Dr. Roach: Heart attack still possible after bypass
Dear Dr. Roach: My friend had a triple bypass last August. He still has problems. At a recent visit to the cardiologist, he was told that one of the grafts has fallen away.
What does this mean? Where is that blood going?
The doctor says he still has coronary heart disease, and they are trying new meds.
What does this mean for him — could he have another heart attack?
Dear P.B.: A coronary bypass surgery is the placement of a new blood vessel to allow blood to go around an obstruction in one of the vessels that supply the heart muscle with blood. The new blood vessel can be taken from the patient’s own vein, usually the saphenous vein in the leg. Or, it can come from an artery, usually the lift inferior mammary artery. The new blood vessels are referred to as “grafts.”
In a “triple bypass,” three grafts are created. These grafts improve blood flow to the heart and improve long-term survival for a subset of people with coronary artery disease.
However, the grafts are subject to blockages themselves, either through blood clotting or from developing the same cholesterol and calcium plaques as the native coronary arteries. When a graft no longer carries blood, we usually say it has “failed,” but it sounds like your friend’s cardiologist used the term “fallen away.”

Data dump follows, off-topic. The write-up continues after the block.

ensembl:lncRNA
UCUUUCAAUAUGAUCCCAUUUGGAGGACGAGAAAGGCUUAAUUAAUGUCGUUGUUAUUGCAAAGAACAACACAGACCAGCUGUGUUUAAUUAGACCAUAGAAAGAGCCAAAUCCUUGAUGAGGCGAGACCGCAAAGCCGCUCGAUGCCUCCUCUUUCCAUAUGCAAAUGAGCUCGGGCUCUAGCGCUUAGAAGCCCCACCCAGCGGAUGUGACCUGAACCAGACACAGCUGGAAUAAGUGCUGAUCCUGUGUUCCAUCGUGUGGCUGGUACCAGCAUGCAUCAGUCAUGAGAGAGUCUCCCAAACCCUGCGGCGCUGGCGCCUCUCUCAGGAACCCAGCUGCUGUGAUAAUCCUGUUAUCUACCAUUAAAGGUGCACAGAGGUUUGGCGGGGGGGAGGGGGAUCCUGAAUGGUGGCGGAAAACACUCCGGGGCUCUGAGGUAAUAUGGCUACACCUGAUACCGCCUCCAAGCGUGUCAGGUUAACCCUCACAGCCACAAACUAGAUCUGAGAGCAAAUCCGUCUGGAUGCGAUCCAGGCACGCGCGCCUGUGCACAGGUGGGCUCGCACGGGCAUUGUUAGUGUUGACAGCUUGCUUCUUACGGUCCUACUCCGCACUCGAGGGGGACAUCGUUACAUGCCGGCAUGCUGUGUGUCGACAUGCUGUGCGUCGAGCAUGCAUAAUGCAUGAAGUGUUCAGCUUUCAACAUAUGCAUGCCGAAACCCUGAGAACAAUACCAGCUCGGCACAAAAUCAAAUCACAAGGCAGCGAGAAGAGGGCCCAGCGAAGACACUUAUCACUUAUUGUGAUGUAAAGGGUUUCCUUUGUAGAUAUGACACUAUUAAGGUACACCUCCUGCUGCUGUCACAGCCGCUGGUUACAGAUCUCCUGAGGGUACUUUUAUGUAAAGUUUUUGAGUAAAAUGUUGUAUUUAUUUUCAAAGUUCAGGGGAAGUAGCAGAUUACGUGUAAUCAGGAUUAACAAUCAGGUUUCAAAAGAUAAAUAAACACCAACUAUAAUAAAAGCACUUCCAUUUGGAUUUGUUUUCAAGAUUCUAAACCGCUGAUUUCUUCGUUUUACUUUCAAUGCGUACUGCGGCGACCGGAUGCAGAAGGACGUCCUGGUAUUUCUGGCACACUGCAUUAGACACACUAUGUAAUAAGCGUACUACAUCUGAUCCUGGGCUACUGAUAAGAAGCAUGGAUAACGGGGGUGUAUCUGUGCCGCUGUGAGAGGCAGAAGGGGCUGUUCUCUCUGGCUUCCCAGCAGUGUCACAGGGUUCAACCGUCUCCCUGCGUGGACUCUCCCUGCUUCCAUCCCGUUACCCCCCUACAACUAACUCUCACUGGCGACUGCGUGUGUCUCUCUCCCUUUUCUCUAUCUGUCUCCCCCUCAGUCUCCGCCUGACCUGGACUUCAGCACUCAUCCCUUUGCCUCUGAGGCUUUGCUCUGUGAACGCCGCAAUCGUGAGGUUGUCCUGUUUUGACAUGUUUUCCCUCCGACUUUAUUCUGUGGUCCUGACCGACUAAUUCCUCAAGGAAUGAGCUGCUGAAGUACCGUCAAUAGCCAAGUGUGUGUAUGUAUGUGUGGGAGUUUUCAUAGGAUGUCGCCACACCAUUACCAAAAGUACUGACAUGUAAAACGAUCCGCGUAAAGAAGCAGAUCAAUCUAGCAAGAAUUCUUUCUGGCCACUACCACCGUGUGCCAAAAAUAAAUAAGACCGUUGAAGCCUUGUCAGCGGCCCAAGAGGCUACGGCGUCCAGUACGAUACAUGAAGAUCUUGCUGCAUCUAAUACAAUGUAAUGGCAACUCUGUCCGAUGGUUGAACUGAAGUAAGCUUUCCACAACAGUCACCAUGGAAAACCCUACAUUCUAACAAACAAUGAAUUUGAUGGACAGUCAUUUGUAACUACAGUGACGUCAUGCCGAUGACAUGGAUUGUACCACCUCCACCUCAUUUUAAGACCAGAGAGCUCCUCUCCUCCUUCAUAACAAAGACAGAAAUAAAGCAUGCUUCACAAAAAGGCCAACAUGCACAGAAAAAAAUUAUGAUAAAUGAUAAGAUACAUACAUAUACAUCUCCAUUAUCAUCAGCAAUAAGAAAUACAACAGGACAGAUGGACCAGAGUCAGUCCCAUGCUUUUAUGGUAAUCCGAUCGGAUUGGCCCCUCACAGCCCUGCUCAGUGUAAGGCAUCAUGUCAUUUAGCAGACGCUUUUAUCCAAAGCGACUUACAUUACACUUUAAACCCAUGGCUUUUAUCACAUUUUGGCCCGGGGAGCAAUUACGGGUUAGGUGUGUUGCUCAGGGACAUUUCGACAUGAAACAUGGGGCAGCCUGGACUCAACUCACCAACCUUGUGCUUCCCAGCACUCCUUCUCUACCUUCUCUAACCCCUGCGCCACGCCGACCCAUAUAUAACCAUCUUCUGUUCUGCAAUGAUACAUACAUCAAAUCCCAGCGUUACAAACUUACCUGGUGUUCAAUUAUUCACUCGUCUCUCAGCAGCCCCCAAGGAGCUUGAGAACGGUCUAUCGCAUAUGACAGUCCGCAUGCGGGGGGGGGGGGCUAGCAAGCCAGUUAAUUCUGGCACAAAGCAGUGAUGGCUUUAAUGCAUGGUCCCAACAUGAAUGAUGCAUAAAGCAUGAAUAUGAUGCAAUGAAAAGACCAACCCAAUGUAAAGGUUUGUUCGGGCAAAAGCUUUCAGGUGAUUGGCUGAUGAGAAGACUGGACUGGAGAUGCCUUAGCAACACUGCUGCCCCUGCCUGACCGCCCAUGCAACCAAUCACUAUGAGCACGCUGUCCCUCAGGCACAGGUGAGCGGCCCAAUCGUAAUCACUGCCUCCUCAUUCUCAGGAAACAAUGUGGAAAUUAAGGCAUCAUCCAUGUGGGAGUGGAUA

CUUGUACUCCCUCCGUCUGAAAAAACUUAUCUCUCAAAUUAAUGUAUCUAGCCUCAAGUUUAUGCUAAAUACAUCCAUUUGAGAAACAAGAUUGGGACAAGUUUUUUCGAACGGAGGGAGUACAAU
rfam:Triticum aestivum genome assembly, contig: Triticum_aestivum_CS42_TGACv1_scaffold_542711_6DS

This doesn’t mean the graft became unattached, a situation that would lead to death in seconds. That is something cardiac surgeons take great care to prevent.
Medications — such as aspirin, beta blockers and statins — also reduce the risk of heart attack and death in people with coronary heart disease, especially when combined with a heart-healthy diet and a good exercise program. However, they only the reduce risk of, not completely prevent, a heart attack. A rough estimate is that 75 percent of people who undergo bypass surgery will be free of coronary events five years after surgery.
Dear Dr. Roach: Plastic pill crushers and a mortar and pestle are very painful for my arthritic hands. The pharmacist offered me no better option for crushing pills. Then my aging brain had a moment of lucidity — an electric coffee grinder! It works perfectly and can handle several different pills at the same time. Please let your readers know.
Dear S.L.P.: I think it’s brilliant; however, do make sure the machine is clean, and I would use it only for medicine. Use a brush (also, used just for this task) to remove all the powdered medicine after each use. Finally, check with the pharmacist to make sure the pills can be safely crushed. Some cannot be, especially those with an extended-release formulation.
Email questions to ToYourGoodHealth@med.cornell.edu.